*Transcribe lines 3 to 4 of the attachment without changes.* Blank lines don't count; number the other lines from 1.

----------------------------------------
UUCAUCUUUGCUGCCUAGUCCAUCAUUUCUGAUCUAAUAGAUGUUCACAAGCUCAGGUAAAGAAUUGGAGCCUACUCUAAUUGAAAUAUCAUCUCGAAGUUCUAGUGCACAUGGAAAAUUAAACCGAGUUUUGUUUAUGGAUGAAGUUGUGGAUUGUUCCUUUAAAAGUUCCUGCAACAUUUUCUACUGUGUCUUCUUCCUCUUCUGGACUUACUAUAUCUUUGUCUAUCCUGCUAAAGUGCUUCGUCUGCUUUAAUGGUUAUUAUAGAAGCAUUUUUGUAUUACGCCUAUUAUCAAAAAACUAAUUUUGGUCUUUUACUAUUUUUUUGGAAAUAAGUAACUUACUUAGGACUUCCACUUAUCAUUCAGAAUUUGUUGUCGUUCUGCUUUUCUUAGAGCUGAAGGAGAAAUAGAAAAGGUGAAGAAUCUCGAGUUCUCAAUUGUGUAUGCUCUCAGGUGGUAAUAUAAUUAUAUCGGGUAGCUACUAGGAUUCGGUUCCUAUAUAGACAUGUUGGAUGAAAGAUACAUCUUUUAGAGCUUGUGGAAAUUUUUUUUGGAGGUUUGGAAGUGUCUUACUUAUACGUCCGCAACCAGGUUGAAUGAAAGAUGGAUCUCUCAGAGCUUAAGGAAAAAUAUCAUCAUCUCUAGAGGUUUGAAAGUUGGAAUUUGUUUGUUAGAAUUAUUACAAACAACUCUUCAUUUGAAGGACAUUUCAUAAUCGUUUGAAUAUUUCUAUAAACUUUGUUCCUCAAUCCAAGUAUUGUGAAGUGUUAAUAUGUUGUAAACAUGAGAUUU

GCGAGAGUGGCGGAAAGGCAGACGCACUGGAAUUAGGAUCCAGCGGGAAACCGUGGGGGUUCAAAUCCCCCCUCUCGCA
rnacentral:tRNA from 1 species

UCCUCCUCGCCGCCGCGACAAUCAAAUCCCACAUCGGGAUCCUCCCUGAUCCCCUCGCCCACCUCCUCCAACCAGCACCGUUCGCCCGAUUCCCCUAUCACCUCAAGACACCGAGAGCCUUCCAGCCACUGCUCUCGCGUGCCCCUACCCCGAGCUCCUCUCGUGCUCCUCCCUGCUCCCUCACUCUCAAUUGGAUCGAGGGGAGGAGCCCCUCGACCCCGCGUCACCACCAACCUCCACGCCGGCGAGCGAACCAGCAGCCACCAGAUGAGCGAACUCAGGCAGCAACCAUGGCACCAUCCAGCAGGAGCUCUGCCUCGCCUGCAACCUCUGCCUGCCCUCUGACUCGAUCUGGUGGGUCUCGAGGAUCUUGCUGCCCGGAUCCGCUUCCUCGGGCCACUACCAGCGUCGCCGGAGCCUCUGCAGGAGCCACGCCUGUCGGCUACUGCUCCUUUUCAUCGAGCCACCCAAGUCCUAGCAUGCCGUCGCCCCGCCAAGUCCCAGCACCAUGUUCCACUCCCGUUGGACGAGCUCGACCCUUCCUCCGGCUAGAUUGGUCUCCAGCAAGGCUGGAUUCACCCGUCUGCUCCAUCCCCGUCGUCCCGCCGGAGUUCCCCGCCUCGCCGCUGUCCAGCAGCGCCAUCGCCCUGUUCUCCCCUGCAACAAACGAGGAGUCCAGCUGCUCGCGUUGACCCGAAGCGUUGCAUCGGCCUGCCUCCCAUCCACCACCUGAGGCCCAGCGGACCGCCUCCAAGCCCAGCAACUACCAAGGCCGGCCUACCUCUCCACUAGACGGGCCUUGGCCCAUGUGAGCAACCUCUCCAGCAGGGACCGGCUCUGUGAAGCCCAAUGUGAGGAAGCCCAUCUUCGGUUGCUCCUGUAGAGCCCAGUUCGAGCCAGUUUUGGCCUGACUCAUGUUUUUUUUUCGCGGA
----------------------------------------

rnacentral:tRNA from 1 species

UCCUCCUCGCCGCCGCGACAAUCAAAUCCCACAUCGGGAUCCUCCCUGAUCCCCUCGCCCACCUCCUCCAACCAGCACCGUUCGCCCGAUUCCCCUAUCACCUCAAGACACCGAGAGCCUUCCAGCCACUGCUCUCGCGUGCCCCUACCCCGAGCUCCUCUCGUGCUCCUCCCUGCUCCCUCACUCUCAAUUGGAUCGAGGGGAGGAGCCCCUCGACCCCGCGUCACCACCAACCUCCACGCCGGCGAGCGAACCAGCAGCCACCAGAUGAGCGAACUCAGGCAGCAACCAUGGCACCAUCCAGCAGGAGCUCUGCCUCGCCUGCAACCUCUGCCUGCCCUCUGACUCGAUCUGGUGGGUCUCGAGGAUCUUGCUGCCCGGAUCCGCUUCCUCGGGCCACUACCAGCGUCGCCGGAGCCUCUGCAGGAGCCACGCCUGUCGGCUACUGCUCCUUUUCAUCGAGCCACCCAAGUCCUAGCAUGCCGUCGCCCCGCCAAGUCCCAGCACCAUGUUCCACUCCCGUUGGACGAGCUCGACCCUUCCUCCGGCUAGAUUGGUCUCCAGCAAGGCUGGAUUCACCCGUCUGCUCCAUCCCCGUCGUCCCGCCGGAGUUCCCCGCCUCGCCGCUGUCCAGCAGCGCCAUCGCCCUGUUCUCCCCUGCAACAAACGAGGAGUCCAGCUGCUCGCGUUGACCCGAAGCGUUGCAUCGGCCUGCCUCCCAUCCACCACCUGAGGCCCAGCGGACCGCCUCCAAGCCCAGCAACUACCAAGGCCGGCCUACCUCUCCACUAGACGGGCCUUGGCCCAUGUGAGCAACCUCUCCAGCAGGGACCGGCUCUGUGAAGCCCAAUGUGAGGAAGCCCAUCUUCGGUUGCUCCUGUAGAGCCCAGUUCGAGCCAGUUUUGGCCUGACUCAUGUUUUUUUUUCGCGGA